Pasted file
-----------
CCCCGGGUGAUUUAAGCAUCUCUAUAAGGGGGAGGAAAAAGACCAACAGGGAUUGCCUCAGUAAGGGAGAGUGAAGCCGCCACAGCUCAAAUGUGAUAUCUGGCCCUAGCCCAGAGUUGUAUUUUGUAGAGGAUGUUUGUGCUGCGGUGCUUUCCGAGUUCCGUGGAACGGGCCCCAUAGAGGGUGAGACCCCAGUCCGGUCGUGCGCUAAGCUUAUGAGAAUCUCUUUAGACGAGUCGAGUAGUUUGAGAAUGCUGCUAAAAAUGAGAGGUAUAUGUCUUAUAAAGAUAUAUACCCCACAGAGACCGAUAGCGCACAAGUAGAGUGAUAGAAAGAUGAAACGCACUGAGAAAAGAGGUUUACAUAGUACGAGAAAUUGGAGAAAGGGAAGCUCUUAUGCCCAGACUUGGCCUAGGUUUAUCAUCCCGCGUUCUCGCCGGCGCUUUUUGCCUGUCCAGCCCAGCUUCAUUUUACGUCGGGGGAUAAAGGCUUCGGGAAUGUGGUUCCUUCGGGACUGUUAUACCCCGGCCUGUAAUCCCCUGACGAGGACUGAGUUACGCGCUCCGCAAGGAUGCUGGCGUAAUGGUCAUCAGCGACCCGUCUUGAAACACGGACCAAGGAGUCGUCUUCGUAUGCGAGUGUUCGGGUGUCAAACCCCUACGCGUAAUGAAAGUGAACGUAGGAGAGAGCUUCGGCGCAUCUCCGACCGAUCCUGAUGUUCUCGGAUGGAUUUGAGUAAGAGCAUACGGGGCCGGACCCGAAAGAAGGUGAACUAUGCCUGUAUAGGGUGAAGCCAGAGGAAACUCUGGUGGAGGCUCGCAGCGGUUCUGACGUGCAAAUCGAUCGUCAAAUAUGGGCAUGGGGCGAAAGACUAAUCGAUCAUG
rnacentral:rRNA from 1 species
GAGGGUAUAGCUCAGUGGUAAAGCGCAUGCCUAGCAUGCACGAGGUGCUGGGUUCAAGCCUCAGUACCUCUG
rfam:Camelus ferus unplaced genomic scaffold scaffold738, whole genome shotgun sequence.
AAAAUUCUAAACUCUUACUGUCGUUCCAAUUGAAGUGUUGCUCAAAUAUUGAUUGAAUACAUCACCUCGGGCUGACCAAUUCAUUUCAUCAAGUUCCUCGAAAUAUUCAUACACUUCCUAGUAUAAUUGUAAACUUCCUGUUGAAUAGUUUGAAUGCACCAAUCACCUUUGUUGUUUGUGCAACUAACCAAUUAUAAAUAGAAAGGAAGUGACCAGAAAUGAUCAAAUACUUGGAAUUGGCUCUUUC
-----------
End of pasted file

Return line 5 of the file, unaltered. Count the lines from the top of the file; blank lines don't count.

AAAAUUCUAAACUCUUACUGUCGUUCCAAUUGAAGUGUUGCUCAAAUAUUGAUUGAAUACAUCACCUCGGGCUGACCAAUUCAUUUCAUCAAGUUCCUCGAAAUAUUCAUACACUUCCUAGUAUAAUUGUAAACUUCCUGUUGAAUAGUUUGAAUGCACCAAUCACCUUUGUUGUUUGUGCAACUAACCAAUUAUAAAUAGAAAGGAAGUGACCAGAAAUGAUCAAAUACUUGGAAUUGGCUCUUUC